Alignment Illustration

How to Facilitate Alignment and Confirm Balance

When you facilitate alignment, you help groups identify gaps, omissions, overkill, and to confirm the appropriateness and balance of their action plan. Rationale Building consensus around alignment can be very challenging, especially if you facilitate exclusively in the narrative world (ie, written words). The FAST method suggests the use of icons (see PowerBalls) that are…

Door of Opportunity

A Facilitator’s Profile is Much Like an Innovator’s Profile (Design Thinker)

“Contrary to popular opinion, you don’t need weird shoes or a black turtleneck to be a design thinker . . .” so goes the article from Harvard Business Review June 2008 (pg 87).  The author suggests that five characteristics found in design thinkers (ie, innovators) that relate uncannily to core competencies required for effective facilitation. …

Overconfidence

How Experience and Qualifications Amplify the Fallacy of Planning (i.e., “Overconfidence”)

Research by Ana Guinote and Mario Weick shows that people in positions of power are particularly ineffective planners.  People who feel powerful focus on getting what they want and ignore the potential obstacles that stand in the way.  The planning efforts of powerful people rely frequently on “best case scenarios” and lead to far shorter…

Illustrative Context Diagram

A Consensually Built Picture Can Resolve a Thousand Arguments

Most of us have heard that a picture tells a thousand words.  Consensually built pictures, especially around complex topics and interactions, can be used to help solve and resolve a thousand arguments.  We are reminded by the IIBA (International Institute of Business Analysis) Quick Tip Bulletin #58 about the value of one picture type, called…

Removing the Weight of the World

A Holiday Message of Action for Facilitators from Mother Teresa

A large minority of the world celebrates Christmas this time of the year.  Since the traditional greeting in the English language is “Merry Christmas”, it begs the question, HOW.  While the thought may be genuine, and the words rich with historical precedence, HOW DOES a facilitator go about making today (and tomorrow) merry? The solution…

14 Typologies to Avoid

14 Facilitator Typologies to Avoid (Humorous, Although Uncannily Real)

In light of upcoming Holiday Spirit, here is a quick and somewhat humorous listing of fourteen different facilitator typologies or “personalities” you might seek to avoid. My favorite is “The Pretender.” The “I Can’t Hear You” Guy—The facilitator who refuses to listen, probably because they are too busy analyzing, judging, and processing information. The Blabber—The…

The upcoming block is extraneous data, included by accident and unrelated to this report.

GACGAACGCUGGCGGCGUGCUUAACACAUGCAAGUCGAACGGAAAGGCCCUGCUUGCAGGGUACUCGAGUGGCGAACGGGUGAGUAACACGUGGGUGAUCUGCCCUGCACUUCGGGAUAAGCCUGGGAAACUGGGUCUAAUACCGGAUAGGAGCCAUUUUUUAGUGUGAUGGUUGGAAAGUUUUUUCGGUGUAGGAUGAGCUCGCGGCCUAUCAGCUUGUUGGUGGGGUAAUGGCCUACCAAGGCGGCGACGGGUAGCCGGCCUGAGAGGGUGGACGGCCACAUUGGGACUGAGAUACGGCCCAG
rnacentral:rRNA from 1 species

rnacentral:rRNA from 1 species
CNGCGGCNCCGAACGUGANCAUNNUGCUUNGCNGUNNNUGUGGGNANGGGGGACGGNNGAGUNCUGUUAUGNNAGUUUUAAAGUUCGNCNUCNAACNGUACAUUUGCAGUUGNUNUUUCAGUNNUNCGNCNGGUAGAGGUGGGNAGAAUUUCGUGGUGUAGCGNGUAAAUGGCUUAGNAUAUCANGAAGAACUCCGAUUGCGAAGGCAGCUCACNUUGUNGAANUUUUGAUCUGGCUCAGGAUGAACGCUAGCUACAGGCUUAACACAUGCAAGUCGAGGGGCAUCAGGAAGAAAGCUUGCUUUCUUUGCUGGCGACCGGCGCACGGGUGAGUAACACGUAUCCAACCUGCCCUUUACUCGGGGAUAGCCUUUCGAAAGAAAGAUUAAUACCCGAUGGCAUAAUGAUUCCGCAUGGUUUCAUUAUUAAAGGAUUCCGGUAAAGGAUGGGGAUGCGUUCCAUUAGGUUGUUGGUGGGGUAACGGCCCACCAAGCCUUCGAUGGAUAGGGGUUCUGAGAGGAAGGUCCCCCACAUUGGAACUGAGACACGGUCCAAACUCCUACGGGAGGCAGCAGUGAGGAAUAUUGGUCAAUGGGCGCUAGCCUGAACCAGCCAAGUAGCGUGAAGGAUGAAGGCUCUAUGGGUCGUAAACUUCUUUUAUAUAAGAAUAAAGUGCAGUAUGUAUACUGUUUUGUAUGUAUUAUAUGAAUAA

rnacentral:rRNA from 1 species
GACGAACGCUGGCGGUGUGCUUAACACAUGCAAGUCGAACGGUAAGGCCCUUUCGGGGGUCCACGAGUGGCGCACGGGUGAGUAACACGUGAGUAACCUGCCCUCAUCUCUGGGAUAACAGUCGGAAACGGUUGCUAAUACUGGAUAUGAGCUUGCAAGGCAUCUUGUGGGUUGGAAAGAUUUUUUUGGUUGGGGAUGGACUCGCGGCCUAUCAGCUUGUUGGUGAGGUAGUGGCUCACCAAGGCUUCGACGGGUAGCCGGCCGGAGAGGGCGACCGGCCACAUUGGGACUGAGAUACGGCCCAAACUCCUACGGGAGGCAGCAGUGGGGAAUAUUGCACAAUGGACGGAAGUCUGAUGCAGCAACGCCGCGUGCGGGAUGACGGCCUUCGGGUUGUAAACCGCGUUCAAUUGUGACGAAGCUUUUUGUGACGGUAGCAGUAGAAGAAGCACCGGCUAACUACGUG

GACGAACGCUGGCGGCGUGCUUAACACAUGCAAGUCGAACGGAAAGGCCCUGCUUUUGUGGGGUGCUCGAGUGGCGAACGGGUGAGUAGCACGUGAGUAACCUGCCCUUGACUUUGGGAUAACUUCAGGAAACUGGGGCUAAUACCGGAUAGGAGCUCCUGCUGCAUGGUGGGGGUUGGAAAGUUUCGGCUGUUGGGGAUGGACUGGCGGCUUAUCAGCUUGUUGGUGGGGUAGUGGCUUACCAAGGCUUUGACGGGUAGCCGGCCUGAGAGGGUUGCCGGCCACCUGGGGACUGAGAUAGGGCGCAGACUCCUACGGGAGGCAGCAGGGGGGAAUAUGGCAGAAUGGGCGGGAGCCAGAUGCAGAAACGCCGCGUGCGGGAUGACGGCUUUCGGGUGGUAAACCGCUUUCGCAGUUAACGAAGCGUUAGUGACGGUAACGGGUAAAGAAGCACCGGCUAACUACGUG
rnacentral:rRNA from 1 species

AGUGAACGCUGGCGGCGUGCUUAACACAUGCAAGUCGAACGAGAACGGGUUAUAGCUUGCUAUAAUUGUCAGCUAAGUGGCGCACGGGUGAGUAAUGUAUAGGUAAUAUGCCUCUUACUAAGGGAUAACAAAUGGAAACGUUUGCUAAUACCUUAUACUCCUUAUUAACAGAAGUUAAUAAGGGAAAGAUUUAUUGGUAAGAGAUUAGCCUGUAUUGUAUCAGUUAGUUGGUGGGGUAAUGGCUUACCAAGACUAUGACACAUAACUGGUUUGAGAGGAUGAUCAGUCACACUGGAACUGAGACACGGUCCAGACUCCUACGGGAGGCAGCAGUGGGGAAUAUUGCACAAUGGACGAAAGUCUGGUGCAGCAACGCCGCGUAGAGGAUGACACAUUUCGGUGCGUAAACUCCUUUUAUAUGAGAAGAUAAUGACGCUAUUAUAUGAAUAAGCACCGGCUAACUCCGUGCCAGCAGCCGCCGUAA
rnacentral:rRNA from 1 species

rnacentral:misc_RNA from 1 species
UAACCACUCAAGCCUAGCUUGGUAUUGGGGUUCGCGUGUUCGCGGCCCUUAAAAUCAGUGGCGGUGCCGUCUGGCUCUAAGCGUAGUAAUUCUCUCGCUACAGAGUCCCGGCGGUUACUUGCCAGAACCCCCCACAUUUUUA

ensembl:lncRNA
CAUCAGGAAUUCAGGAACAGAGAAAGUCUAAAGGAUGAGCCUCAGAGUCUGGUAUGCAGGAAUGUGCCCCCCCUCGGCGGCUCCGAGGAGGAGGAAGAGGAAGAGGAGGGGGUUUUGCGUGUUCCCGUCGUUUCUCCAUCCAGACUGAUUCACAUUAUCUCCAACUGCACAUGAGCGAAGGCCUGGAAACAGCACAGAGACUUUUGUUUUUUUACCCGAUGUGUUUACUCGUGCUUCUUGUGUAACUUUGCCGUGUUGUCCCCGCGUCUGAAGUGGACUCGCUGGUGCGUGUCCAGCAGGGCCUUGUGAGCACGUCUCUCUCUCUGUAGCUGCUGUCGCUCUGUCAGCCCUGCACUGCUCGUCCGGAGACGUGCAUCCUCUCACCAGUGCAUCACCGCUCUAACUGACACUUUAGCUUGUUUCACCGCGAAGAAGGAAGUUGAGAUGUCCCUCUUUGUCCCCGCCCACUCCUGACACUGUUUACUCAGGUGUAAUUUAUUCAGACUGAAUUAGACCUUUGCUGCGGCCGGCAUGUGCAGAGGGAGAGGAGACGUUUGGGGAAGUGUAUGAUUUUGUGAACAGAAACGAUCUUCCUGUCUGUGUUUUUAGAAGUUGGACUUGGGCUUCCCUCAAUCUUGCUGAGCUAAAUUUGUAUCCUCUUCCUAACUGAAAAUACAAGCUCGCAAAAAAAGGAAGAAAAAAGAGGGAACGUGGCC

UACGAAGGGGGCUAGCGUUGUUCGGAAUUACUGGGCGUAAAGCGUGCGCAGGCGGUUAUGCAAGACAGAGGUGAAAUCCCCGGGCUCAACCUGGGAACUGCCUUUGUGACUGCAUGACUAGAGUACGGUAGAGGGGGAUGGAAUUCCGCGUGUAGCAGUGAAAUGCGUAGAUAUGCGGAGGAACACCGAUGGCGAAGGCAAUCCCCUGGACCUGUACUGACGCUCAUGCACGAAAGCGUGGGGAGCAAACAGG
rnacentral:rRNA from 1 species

Decision-Making Matrix

Facilitating For-Profit Meetings Requires Structure Not Found in Kum Bay Yah

Facilitating business requirements captures substantially different challenges than facilitating community forums and other project-based meetings. While active listening serves both scenarios, the deliverables needed to support most business initiatives are quite different from social and community settings. Frequently, business facilitators are not seeking agreement, rather harmony.  The difference follows. Agreement suggests that everyone is singing the…

Building Agendas

An Ice Breaker TIP — Newspaper or Magazine Headlines about Accomplishments

This is one TIP from our collection of practical tips, tools, and techniques. Our tips are gathered from our experience, training classes, and alumni contributions. Warming Up A Group This ice breaker is useful for people that are unfamiliar with each other, or for familiar groups that need some new dimension to their relationships for…

Listening for WHY

An Active Listening TIP — Listening For the WHY, Benefits Everyone

This is one TIP from our collection of practical tips, tools, and techniques. Our tips are gathered from our experience, training classes, and alumni contributions. Listening For the WHY We all know that listening is an important skill. We instruct our students to engage in “active” listening. But, what do we hear? Most listening is…

The Big Question

Avoid Asking “How Do We Solve Global Hunger?” with Improved Methodology

Meeting participants are all too frequently confronted with questions that are too difficult to answer. When the facilitator receives a blank stare or extended silence after asking a question, there is a strong likelihood that the question is much to broad or vague, and thus difficult (rather than easy, as in facilitaere) to answer. Strive…